As of Sunday night, 21 bears were reported killed in the South region and 23 in the North region.

Wiley noted that in the South region, Big Cypress National Preserve was closed to bear hunting and a number of large private land owners had not opened their land to hunters.

“That’s a factor that I believe does figure, just availability of places to go, that figures into this,” Wiley said.

Commission Division of Law Enforcement Maj. Craig Duval said officers issued two citations Saturday.

A hunter in the East Panhandle region was issued a citation for killing a cub that weighed just over 40 pounds. To prohibit the killing of cubs, the rules for the hunt required targeted bears to weigh more than 100 pounds.

The other citation went to a hunter in the Central region for using bait to lure a bear.

The penalties in both cases are second-degree misdemeanors if the hunter is a first-time offender.

A warning was also issued to a hunter in the Central region for killing an 88-pound bear, while investigations are underway into other cases of baiting bears.

Several hunters were also found hunting without their permits. Duval said those hunters were “educated” on the law that requires hunters to carry their permits.

Duval said there were no reports of hunters being injured.

–Jim Turner, News Service of Florida

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16 Responses for “Bear-Kill Quota Popped 5 Days Early:
Florida Officials Reassess Before Next Hunt”

  1. A Mom says:

    awful, terrible, appalling, dreadful, frightful, horrible, horrendous, horrific, horrifying, shocking, sickening, unspeakable, abhorrent, heinous, abominable, foul, vile, odious, repulsive, repellent, unsightly, revolting, gruesome, grotesque, monstrous, ghastly;

  2. Kevin says:

    What a crock, the penalty for slaughtering a cub and baiting is a tap (not even a slap) on the wrist. What amazing sportsmen these people are, how proud they should be of their prowess, baiting an animal so it can be shot dead and killing an infant. The fact that these are misdemeanor offenses proves the point that the whole system is rigged to protect the murders and has nothing to do with wildlife management. I’d like to know if the culprits were allowed to keep their trophies. After all what macho-person wouldn’t want to mount the child head of a 40 lb cub and smoke a few cigars in celebration?
    I believe in karma and my only solace in this whole sickening scheme is knowing that all involved, murders and those who sanctioned the massacre, will encounter similar horrors as somehow nature and fate has a way of evening the playing field.

  3. Anonymous says:

    This is disgraceful… Instead of the 2nd Amend reading the right to bear arms shall not be infringed… it should read the right to arm bears shall not be infringed. I wonder how many manly man hunters would venture into the woods knowing it was a fair fight?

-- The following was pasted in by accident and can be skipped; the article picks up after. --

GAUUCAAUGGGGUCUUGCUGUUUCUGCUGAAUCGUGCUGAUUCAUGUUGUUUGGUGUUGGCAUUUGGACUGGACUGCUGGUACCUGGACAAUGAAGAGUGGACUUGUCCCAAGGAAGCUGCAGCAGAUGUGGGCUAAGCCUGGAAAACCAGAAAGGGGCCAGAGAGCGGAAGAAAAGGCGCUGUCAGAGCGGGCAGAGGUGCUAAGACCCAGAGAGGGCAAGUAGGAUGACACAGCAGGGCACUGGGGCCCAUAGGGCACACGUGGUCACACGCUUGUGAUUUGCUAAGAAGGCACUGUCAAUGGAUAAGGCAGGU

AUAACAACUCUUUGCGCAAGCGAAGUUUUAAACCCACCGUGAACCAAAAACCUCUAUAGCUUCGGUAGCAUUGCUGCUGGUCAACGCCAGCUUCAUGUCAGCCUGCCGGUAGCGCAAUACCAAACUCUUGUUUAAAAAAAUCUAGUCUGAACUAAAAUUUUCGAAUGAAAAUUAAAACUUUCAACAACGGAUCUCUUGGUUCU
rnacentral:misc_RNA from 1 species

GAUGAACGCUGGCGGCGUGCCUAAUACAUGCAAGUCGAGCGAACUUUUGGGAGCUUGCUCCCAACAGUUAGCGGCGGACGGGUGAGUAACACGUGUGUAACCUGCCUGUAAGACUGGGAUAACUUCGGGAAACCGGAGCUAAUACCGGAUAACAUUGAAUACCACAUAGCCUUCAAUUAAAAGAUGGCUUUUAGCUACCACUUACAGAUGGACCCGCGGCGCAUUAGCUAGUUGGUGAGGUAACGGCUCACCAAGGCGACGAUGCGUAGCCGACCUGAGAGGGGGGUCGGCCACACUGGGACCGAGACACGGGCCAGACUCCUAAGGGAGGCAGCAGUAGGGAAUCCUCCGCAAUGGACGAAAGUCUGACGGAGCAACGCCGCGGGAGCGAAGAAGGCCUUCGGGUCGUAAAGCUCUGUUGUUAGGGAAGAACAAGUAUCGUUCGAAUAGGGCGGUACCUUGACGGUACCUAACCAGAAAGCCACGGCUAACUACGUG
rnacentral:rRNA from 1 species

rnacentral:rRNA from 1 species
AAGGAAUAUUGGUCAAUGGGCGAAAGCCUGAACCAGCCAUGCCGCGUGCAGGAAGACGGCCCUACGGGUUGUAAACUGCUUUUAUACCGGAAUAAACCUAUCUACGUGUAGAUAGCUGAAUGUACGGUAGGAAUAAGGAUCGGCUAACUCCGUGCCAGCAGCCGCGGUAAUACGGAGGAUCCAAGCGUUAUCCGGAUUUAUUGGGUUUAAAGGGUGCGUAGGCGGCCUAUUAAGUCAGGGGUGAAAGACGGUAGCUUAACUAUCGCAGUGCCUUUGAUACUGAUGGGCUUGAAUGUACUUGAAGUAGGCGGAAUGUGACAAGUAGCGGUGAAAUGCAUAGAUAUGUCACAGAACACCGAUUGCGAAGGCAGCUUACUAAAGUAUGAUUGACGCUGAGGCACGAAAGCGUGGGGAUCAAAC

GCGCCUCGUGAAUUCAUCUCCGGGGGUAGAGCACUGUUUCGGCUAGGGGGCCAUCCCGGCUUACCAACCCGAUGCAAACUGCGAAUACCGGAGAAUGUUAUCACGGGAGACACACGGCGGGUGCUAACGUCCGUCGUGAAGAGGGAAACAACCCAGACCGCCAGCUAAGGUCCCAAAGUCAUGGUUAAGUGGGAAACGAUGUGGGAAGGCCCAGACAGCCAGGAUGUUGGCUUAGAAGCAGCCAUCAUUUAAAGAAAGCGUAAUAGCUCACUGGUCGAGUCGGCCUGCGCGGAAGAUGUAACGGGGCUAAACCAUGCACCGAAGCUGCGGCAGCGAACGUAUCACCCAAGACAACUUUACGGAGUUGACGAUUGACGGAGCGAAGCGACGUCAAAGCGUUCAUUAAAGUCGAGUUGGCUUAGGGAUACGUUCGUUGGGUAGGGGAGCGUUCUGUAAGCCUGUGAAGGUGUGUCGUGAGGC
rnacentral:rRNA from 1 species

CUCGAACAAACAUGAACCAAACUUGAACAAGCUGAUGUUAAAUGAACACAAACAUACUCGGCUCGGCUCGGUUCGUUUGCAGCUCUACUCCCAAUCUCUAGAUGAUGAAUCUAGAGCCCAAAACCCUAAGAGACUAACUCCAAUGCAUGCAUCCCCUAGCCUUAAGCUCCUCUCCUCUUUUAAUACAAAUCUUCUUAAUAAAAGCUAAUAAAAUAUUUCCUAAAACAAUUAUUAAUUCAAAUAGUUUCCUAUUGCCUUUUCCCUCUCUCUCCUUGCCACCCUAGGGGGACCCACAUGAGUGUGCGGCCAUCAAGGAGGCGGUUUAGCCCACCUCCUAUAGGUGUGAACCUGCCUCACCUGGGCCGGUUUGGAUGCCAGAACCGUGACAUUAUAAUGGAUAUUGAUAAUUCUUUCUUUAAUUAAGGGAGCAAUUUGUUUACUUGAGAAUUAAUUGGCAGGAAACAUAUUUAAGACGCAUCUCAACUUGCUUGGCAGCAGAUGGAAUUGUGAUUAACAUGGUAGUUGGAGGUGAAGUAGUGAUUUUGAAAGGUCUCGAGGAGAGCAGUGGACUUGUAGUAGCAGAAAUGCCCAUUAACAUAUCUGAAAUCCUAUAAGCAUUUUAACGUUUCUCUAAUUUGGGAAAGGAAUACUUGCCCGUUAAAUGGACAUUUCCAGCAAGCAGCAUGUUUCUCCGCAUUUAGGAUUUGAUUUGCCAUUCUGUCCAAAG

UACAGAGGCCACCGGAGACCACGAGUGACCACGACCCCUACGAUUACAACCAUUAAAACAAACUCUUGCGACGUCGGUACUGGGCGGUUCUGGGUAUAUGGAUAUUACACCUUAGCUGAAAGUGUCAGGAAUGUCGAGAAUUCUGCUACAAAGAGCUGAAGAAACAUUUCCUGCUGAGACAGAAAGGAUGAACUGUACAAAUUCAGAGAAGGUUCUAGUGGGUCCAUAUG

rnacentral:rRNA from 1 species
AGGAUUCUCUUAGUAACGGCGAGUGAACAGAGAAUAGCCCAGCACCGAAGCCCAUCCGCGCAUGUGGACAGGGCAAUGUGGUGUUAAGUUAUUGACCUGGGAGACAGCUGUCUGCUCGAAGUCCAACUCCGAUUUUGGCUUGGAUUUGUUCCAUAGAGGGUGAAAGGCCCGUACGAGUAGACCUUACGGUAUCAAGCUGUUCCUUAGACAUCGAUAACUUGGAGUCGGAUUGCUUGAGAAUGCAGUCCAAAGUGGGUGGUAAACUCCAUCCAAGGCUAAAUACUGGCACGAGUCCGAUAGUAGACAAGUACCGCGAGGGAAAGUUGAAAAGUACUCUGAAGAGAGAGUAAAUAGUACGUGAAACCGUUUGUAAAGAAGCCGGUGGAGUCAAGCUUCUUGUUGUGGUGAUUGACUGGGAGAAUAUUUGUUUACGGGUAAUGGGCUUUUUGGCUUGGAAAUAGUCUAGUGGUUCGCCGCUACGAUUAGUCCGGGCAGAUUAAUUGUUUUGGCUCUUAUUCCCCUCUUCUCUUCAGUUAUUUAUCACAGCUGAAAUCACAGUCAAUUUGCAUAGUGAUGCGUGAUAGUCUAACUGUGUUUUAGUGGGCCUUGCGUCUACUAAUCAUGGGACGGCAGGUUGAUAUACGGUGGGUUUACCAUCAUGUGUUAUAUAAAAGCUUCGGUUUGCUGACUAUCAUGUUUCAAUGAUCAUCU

4. piece of garbage says:

    What a cruel thing to show everyone. Killing a BEAR is inhuman regardless of their reason. Oh a pig was killed by a bear a chicken was killed by a bear. They were gonna get kilt anyways. The bear got some free food and didnt have to go dig in your garbage can. That is a reason to do this to those beautiful creatures. God have mercy on their souls. Hideous.

  5. Geezer says:

    There’s too many people in Florida. Eventually the black bear will go the way of the
    Florida Panther because of the devastation that the “superior beings” wreak on their
    environment.

    Greed and blood-lust are the hallmarks of current-day Florida. Buckle up and sit tight.
    Better yet – sell and get the hell out. This way you can tune in to Flaglerlive from a healthy
    distance and scratch your collective heads.

    You can follow the “I’m so glad I left Florida threads.” See the one below.

    https://www.reddit.com/r/FloridaMan/

  6. Anonymous says:

    Good for the state it made money for conservation

  7. sonny says:

    kevin said it all

  8. Sherry says:

    @ a mom. . . you’ve said it all! Our horrific legislature. . . bought and paid for by the NRA. . . has allowed a hunt that is nothing short of criminal!

    These animals should have been relocated, not MURDERED! And before anyone starts with the cost of relocating wild life. . . I say, use the tax money given to massively profitable professional sports teams!

  9. Obama 2015 says:

    I love animals and seeing one dead really bothers me.

    Even when I see roadkill it’s sad to see the demise of a living thing getting run over and over and over.

    Regarding the Bears, unfortunately this needs to be done (with deer also) to control the population, but it needs to be done correctly and you really can’t trust some people to follow the rules.

    I think it would be better to have the Florida Wildlife Officers to handle the bear hunts in the future.

  10. groot says:

    I understand two hunters received warnings for killing a 40 lb and a 90 lb bear respectively. In other words, they killed cubs and just received warnings.

  11. David S says:

    All of the comments are exactly how we feel this is a complete disreguard for an animals life FWC and those hunters you should be ashamed of yourselves period.

  12. I/M/O says:

    I see no shortage of customers at the meat sections of Publix.